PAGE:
ramp-01Sniff test redux

Let us re-apply our sniff test.

Awash in data? Look back at the first plot in this sequence with the eye of a first-year physics student. Confusing? Hard to tell where to start? You bet.

What are the data moves? We added a third dimension—color—to a plot to make a visualization we might not ever have seen before, and had to make sense of it. Then we found a way to look at a subset of the data, finding a clearer pattern there than in the dataset as a whole.

And data properties? We have more than two attributes, more than a couple dozen points. And depending on your experience, the data seem a bit unruly.


This may not reek of data science, but it has more than just a whiff.

But wait: at the end, we got a graph with a function, a good model, just like we had originally. That’s a lot of extra work just to get the same graph.

Reasonable teachers ask, is it worth the class time to learn all that computer stuff in addition to the physics? In fact, the way we set up a typical lab is designed precisely to avoid the problems of the messy data. Why have students struggle with a situation where the variables are not controlled? Why not just teach them to control variables as they should—and get better-organized data, intentionally?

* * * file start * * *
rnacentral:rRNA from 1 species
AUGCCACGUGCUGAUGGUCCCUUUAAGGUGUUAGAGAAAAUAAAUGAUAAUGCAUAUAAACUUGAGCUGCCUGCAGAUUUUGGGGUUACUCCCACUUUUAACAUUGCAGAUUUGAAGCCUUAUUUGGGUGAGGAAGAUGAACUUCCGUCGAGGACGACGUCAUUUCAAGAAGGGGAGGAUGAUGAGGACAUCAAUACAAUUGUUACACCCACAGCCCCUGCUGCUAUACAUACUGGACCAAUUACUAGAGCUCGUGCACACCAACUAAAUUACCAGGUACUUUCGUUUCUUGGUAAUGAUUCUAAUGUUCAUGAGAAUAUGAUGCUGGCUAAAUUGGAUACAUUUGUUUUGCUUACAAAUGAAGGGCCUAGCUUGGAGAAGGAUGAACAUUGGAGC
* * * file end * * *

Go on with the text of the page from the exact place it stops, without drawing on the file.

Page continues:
Let me give a few responses:

  • You’re right, of course. Students should see better-organized data. But bear in mind that this is only an example where I can show some good data that do not smell like data science.
  • Even so, if you have a desire to teach about data science, and not just data, you will have to deal with computer skills.
  • This doesn’t have to be in physics. We cannot always design experiments where things are nice. Data science helps us explore, and cope with, all sorts of data and patterns.
  • It’s tempting to treat computer-data skills as an optional extra. Doing so creates an equity problem, because some people—people who look like me, mostly white and Asian boys—play with this stuff in our free time. Don’t let the playing field stay tilted.

That’s enough for now, but let us foreshadow where to go next:

If something else bothers you about this example, you’re not alone. I will describe what bothered me, and how that bothered Andee Rubin in a different way, soon.


Conway, Drew. 2010. Blog post at